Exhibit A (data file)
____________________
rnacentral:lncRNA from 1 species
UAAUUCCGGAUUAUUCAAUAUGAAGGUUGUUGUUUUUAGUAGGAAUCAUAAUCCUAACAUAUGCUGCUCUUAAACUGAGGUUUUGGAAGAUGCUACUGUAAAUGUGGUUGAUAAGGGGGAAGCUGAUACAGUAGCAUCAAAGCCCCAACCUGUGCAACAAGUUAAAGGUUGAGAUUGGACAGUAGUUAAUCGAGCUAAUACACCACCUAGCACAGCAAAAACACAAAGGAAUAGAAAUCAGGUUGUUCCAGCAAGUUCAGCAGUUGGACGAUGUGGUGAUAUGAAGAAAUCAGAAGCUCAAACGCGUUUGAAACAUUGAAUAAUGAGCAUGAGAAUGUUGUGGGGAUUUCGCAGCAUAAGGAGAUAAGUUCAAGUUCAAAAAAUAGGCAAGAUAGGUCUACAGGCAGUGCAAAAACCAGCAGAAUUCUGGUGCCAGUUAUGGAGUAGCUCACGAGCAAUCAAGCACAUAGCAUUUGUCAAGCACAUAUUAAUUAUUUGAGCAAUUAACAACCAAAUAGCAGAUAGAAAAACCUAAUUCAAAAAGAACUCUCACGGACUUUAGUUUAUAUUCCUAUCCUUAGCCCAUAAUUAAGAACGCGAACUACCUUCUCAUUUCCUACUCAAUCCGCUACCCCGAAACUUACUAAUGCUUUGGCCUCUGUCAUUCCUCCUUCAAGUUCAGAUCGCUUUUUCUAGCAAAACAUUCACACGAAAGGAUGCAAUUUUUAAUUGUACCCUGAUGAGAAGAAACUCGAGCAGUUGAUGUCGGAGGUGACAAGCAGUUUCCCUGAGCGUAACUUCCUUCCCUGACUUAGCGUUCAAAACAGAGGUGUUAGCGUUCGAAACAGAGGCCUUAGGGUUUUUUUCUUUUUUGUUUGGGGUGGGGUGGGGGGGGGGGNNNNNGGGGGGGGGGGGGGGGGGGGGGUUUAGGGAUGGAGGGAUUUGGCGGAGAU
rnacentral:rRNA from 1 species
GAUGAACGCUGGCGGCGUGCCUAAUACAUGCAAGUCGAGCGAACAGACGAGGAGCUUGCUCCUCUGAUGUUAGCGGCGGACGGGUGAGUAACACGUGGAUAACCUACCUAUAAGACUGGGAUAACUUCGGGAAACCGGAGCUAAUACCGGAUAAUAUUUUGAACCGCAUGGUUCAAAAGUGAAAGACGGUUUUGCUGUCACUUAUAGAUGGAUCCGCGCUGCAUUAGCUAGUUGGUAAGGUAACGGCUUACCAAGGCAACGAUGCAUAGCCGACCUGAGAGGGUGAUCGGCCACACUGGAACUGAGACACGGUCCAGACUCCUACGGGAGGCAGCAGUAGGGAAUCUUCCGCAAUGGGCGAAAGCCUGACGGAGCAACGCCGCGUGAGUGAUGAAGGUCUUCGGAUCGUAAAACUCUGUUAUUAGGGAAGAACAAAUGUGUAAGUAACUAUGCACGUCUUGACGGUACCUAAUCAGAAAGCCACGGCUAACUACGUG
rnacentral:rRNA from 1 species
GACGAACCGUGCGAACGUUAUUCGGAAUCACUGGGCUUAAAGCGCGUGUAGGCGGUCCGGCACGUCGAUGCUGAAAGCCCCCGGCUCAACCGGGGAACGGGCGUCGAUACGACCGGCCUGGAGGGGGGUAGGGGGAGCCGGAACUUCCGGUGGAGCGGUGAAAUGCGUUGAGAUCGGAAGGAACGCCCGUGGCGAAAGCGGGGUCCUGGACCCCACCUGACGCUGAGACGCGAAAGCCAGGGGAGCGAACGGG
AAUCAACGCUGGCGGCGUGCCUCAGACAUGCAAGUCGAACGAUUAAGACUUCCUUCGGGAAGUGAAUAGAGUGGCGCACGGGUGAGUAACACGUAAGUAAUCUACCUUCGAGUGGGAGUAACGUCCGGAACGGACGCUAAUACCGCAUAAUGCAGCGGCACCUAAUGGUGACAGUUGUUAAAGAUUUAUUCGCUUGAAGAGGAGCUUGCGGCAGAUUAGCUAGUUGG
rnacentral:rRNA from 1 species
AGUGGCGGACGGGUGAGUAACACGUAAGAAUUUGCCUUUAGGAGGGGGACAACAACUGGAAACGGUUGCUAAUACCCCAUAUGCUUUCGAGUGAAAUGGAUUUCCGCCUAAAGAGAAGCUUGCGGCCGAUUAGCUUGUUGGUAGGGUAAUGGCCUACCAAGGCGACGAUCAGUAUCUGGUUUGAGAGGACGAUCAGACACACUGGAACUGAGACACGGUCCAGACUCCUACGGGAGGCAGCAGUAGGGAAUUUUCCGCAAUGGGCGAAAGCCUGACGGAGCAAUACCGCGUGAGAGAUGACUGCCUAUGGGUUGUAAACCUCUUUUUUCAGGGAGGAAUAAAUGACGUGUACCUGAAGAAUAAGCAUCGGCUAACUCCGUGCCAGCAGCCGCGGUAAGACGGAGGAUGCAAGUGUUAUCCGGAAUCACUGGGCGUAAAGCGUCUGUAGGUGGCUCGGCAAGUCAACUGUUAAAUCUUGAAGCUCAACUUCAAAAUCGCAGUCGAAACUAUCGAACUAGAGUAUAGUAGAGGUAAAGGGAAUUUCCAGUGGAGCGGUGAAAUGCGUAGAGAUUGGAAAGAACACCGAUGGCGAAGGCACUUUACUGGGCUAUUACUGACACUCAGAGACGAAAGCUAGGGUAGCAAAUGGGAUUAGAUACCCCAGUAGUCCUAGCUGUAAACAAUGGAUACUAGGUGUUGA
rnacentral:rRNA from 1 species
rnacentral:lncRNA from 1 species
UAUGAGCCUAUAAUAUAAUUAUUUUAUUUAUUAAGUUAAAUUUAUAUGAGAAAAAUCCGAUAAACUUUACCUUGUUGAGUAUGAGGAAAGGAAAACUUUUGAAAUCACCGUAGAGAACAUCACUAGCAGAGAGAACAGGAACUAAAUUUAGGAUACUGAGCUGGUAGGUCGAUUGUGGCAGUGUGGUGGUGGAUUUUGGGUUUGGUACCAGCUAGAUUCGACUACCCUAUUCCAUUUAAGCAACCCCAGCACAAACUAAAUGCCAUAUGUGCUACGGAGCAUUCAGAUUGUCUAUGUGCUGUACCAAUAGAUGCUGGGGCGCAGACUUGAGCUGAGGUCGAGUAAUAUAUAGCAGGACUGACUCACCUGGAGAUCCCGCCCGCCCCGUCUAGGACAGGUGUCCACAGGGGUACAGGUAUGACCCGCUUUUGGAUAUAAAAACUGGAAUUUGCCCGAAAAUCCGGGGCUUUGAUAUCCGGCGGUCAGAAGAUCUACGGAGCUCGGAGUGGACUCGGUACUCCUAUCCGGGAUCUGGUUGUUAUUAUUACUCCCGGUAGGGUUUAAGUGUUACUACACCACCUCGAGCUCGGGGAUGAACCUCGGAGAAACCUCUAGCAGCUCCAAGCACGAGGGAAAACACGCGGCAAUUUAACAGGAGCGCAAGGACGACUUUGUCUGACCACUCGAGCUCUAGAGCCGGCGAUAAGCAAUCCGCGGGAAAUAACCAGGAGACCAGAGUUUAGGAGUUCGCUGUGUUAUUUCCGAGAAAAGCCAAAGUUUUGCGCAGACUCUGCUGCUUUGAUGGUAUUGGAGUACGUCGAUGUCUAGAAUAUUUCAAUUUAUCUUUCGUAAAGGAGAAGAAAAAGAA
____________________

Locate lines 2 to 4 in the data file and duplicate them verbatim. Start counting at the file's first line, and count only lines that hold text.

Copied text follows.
UAAUUCCGGAUUAUUCAAUAUGAAGGUUGUUGUUUUUAGUAGGAAUCAUAAUCCUAACAUAUGCUGCUCUUAAACUGAGGUUUUGGAAGAUGCUACUGUAAAUGUGGUUGAUAAGGGGGAAGCUGAUACAGUAGCAUCAAAGCCCCAACCUGUGCAACAAGUUAAAGGUUGAGAUUGGACAGUAGUUAAUCGAGCUAAUACACCACCUAGCACAGCAAAAACACAAAGGAAUAGAAAUCAGGUUGUUCCAGCAAGUUCAGCAGUUGGACGAUGUGGUGAUAUGAAGAAAUCAGAAGCUCAAACGCGUUUGAAACAUUGAAUAAUGAGCAUGAGAAUGUUGUGGGGAUUUCGCAGCAUAAGGAGAUAAGUUCAAGUUCAAAAAAUAGGCAAGAUAGGUCUACAGGCAGUGCAAAAACCAGCAGAAUUCUGGUGCCAGUUAUGGAGUAGCUCACGAGCAAUCAAGCACAUAGCAUUUGUCAAGCACAUAUUAAUUAUUUGAGCAAUUAACAACCAAAUAGCAGAUAGAAAAACCUAAUUCAAAAAGAACUCUCACGGACUUUAGUUUAUAUUCCUAUCCUUAGCCCAUAAUUAAGAACGCGAACUACCUUCUCAUUUCCUACUCAAUCCGCUACCCCGAAACUUACUAAUGCUUUGGCCUCUGUCAUUCCUCCUUCAAGUUCAGAUCGCUUUUUCUAGCAAAACAUUCACACGAAAGGAUGCAAUUUUUAAUUGUACCCUGAUGAGAAGAAACUCGAGCAGUUGAUGUCGGAGGUGACAAGCAGUUUCCCUGAGCGUAACUUCCUUCCCUGACUUAGCGUUCAAAACAGAGGUGUUAGCGUUCGAAACAGAGGCCUUAGGGUUUUUUUCUUUUUUGUUUGGGGUGGGGUGGGGGGGGGGGNNNNNGGGGGGGGGGGGGGGGGGGGGGUUUAGGGAUGGAGGGAUUUGGCGGAGAU
rnacentral:rRNA from 1 species
GAUGAACGCUGGCGGCGUGCCUAAUACAUGCAAGUCGAGCGAACAGACGAGGAGCUUGCUCCUCUGAUGUUAGCGGCGGACGGGUGAGUAACACGUGGAUAACCUACCUAUAAGACUGGGAUAACUUCGGGAAACCGGAGCUAAUACCGGAUAAUAUUUUGAACCGCAUGGUUCAAAAGUGAAAGACGGUUUUGCUGUCACUUAUAGAUGGAUCCGCGCUGCAUUAGCUAGUUGGUAAGGUAACGGCUUACCAAGGCAACGAUGCAUAGCCGACCUGAGAGGGUGAUCGGCCACACUGGAACUGAGACACGGUCCAGACUCCUACGGGAGGCAGCAGUAGGGAAUCUUCCGCAAUGGGCGAAAGCCUGACGGAGCAACGCCGCGUGAGUGAUGAAGGUCUUCGGAUCGUAAAACUCUGUUAUUAGGGAAGAACAAAUGUGUAAGUAACUAUGCACGUCUUGACGGUACCUAAUCAGAAAGCCACGGCUAACUACGUG